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On Monday November 1st, all roads lead to the polls – or do they? 

According to the Independent Electoral Commission (I.E.C) South Africans between the ages of 20 – 29 make up an estimated 10.8 million of our 60,294,751 population. That is a significant chunk. In fact, statistics show that South Africa currently boasts one of the largest youth populations in the world! 

The I.E.C. statistics also indicate that 9 million South Africans who are of voting age, have not registered to vote. 46% of that nine million are people between the ages of 20 -29.

If the youth makes up the largest percentage of our population, why is this not reflected in our electoral process? 

According to our politicians the youth of today are either, “politically apathetic” or “irresponsible drunken delinquents” who have no regard for their democratic duty to vote. A privilege that their ancestors fought and died for. 

This sentiment makes my late thirty something year old self wince as I struggle to reconcile the nostalgia of the little girl excitedly waving at my then forty something year old mother as she set out to cast her vote for the very first time in 1994, with the current reality of our political climate and my increasingly cynical disposition. Are the youth dismissive of their blood stained democratic privilege/responsibility to vote? Or has the government misused and abused their privilege and responsibility to serve? 

The low youth voter turnout is not unique to South Africa. Globally youth turnout is decreasing with each passing election cycle. So, where’s the disconnect? Political sociologist from the Center for Inclusive Democracy, Dr. Mindy Romero addresses the issue in her TedX talk aptly titled “The Power of the Youth Vote.” Romero says that political analysts mistakenly deduce the decrease in youth turnout as the lack of interest in politics altogether. Research however shows otherwise.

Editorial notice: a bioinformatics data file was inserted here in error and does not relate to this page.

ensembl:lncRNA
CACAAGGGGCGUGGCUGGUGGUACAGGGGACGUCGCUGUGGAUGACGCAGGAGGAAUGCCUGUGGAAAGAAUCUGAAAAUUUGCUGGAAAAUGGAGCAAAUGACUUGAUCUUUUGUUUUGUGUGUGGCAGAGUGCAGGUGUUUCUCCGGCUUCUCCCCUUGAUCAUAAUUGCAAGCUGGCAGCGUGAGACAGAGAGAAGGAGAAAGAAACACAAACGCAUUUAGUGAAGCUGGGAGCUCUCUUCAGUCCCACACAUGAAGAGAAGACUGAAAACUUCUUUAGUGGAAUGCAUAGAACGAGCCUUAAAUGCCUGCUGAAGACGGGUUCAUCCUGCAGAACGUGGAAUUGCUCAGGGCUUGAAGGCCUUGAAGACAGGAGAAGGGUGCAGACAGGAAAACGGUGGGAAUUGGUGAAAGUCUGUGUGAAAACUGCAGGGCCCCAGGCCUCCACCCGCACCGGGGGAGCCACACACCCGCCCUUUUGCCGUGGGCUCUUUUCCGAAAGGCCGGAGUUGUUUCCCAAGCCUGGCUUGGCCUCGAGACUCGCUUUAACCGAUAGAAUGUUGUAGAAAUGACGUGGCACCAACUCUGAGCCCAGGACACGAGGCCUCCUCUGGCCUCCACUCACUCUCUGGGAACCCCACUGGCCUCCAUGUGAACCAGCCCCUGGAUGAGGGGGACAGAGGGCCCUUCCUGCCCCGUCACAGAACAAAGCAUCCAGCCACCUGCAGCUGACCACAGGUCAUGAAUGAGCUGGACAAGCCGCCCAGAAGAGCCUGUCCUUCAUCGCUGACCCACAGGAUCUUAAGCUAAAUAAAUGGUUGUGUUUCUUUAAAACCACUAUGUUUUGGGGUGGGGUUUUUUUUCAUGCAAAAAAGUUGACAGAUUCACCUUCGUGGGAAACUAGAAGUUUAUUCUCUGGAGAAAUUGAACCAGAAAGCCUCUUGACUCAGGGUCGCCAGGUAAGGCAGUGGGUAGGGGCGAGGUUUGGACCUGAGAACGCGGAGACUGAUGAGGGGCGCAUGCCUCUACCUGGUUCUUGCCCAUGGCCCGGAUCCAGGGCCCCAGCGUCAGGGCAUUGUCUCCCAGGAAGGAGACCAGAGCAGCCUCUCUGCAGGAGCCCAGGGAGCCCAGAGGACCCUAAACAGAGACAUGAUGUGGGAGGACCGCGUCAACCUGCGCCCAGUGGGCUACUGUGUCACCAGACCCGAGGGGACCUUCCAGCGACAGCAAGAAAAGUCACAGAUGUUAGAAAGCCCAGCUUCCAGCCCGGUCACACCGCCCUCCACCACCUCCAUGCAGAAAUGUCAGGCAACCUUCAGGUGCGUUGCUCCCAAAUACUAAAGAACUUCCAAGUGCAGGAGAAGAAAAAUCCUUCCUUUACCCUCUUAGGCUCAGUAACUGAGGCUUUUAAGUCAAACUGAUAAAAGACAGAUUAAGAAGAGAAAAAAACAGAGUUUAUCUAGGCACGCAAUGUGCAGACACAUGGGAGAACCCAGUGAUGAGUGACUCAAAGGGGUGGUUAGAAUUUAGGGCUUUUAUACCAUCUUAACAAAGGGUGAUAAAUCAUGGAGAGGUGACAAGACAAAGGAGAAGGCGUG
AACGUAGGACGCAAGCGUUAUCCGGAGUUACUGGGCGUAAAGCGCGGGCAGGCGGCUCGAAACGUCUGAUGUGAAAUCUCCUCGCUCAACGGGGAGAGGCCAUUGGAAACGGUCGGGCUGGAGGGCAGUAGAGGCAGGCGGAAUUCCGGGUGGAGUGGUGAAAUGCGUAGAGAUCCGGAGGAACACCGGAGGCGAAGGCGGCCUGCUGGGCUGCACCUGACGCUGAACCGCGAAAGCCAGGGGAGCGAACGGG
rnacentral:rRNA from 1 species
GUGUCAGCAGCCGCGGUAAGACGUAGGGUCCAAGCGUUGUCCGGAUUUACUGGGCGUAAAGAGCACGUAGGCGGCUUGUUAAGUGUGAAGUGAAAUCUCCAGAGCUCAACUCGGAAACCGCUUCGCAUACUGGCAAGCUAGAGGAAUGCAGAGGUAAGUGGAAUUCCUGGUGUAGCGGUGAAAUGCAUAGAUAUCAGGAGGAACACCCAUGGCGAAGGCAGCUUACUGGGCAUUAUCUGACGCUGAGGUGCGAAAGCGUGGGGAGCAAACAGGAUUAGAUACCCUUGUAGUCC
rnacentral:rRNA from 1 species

So what are some of the core issues? 

  • Political structures, systems, and regulations around the electoral process are currently set up in a way that makes it next to impossible for young people to engage thus excluding their voices and issues. For example, citizens are required to register to vote. Registration is connected to one’s physical address and young people tend to move around a lot. Therefore each time there’s an election, the probability of a young person moving between the voter registration period and the actual election is highly likely. 
  • There’s little to no outreach or engagement by political parties during the campaign cycle because young people are seen as “unlikely” voters. Managing director of the NPO Youth Lab, Pearl Pillay told Quartz Africa that young people in the townships and rural areas felt unseen and left out by political parties. “When you don’t see yourself in the system, you opt out,”  added Pillay
  • There is a misconception that young people are not politically knowledgeable or fiscally impacted by elections. One only has to log onto Twitter to know that this is a false narrative. The youth of today is very politically astute and engaged. Locally we can point to their political civic engagement around issues such as but not limited to G.B.V, Fees Must, and Police brutality. 

Young people are in fact very aware of their democratic privilege and responsibility to vote. Their current absence from the electoral process has nothing to do with apathy and everything to do with the fact that unlike their predecessors they do not carry the same burden of nostalgia and therefore cannot be politically manipulated by the struggle narrative. They understand the gravity of their decision and they want their vote to actually move the country in the right direction.

In her 2009 Ted Talk titled “The Danger of a Single Narrative” author Chimamanda Ngozi Adichie states, “To create a single story, show a people as one thing, as only one thing, over and over again, and that is what they become”. 

If political parties don’t critically evaluate their apathy towards engaging the youth. Young people on the other hand need to galvanize their power by lobbying for their issues and holding those they vote into power accountable if we are to end the constant recycling narrative of the disengaged youth vs. the disingenuous politician every time South Africa heads to the polls. 

As cliche as it sounds, we are in fact the answer to our problems and our ancestors’ prayers. So, let’s ensure that all roads do lead to the polls come Monday, November 1st 2021.